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How do Pneumatic Indicators Work, and What are the Common Types?

A pneumatic indicator contains an electrical and pneumatically actuated visual indicator. These devices also include panel-mounted and in-line-mounted designs. On certain models, a multi-pin indicator is also present. All these parts, when put together, provide accurate and reliable monitoring of entire pneumatic control systems.

Various LED indicators allow users to get clear and real-time data. This information allows systems to run at peak performance. Indicators solenoid gasket and inset require a simple and quick installation directly on solenoid actuated valve (providing on status and troubleshooting indications).

Special applications require specialized indicators. For instance, an application that requires gauges or traditional threaded connectors requires indicators that can work with pressure up to 240 psi and 29.6 H.

The Most Commonly Used Pneumatic Indicators Include:

The OH-8 type of pneumatic indicator becomes actuated once 18 ps or 1.2 is reached. The indicator is actuated at that point, and then a colored sleeve protrudes into the transparent cap.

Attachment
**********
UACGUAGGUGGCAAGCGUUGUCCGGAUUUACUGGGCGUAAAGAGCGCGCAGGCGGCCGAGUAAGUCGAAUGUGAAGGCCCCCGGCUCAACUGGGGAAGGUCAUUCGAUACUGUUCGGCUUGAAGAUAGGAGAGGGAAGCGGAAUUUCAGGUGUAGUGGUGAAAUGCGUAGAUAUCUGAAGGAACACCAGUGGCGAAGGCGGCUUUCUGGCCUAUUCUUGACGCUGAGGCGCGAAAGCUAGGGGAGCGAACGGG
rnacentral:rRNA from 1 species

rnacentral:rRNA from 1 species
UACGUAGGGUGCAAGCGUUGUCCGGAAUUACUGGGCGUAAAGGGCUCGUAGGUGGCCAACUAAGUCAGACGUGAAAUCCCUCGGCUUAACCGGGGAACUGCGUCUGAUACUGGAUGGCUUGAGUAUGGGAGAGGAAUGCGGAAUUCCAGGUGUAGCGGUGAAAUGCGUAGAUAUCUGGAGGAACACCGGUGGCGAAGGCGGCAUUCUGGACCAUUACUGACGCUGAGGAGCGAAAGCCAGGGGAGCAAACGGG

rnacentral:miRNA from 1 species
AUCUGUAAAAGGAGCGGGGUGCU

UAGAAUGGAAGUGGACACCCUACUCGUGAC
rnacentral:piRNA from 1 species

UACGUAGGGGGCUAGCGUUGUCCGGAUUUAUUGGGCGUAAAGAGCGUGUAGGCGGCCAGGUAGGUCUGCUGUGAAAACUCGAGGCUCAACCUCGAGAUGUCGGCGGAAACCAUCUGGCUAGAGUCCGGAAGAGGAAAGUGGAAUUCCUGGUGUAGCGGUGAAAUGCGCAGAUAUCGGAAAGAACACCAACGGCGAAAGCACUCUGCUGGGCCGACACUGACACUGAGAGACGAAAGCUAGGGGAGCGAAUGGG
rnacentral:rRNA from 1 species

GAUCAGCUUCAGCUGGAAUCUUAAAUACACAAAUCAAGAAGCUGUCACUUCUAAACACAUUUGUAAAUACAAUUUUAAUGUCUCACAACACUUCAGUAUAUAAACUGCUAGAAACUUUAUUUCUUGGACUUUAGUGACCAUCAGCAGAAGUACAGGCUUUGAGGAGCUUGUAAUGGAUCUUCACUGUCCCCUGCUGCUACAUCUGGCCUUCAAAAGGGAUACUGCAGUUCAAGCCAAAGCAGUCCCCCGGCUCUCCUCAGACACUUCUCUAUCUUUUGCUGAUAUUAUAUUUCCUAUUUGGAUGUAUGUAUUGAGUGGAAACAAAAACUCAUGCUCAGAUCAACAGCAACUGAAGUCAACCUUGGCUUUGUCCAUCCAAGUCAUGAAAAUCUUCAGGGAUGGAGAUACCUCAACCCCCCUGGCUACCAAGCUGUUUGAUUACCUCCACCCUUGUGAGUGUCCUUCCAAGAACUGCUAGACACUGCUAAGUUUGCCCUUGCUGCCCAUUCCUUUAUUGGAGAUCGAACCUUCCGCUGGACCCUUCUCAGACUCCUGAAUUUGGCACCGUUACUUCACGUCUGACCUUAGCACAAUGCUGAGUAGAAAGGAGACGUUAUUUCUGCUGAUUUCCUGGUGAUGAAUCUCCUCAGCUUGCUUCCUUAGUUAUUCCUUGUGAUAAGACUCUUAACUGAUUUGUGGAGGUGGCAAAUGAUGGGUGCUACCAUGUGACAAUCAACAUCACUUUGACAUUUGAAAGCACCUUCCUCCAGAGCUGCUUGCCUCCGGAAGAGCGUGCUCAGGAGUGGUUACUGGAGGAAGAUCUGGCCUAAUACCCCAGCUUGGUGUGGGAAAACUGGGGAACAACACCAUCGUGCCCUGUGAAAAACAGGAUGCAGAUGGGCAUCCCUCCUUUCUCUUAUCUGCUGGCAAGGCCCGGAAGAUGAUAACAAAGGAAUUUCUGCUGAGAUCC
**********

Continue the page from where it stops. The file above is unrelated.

The visual indicator, type OHJ-PK is used to monitor system conditions. It is triggered once 1 bar or 15 psi is present.

The OH-10 has a pin that extends when reaching 1.4 bars. Unlike other pneumatic indicators, this variant only extends to a length of 3mm.

Type OH-22 (Green, Red, Yellow, Blue)  is actuated when 1.5 bars of pressure are met (or 22 psi). This indicator is used for both monitoring and indicating issues within operating conditions.

For more information on how pneumatic indicators work, or which is the best type for you, you should not hesitate to call our talented team.

Related Reading about Pneumatic Control Systems

If you are looking for Pneumatic Controls, Pneumatic Valves then look no further than Ellis/Kuhnke Controls.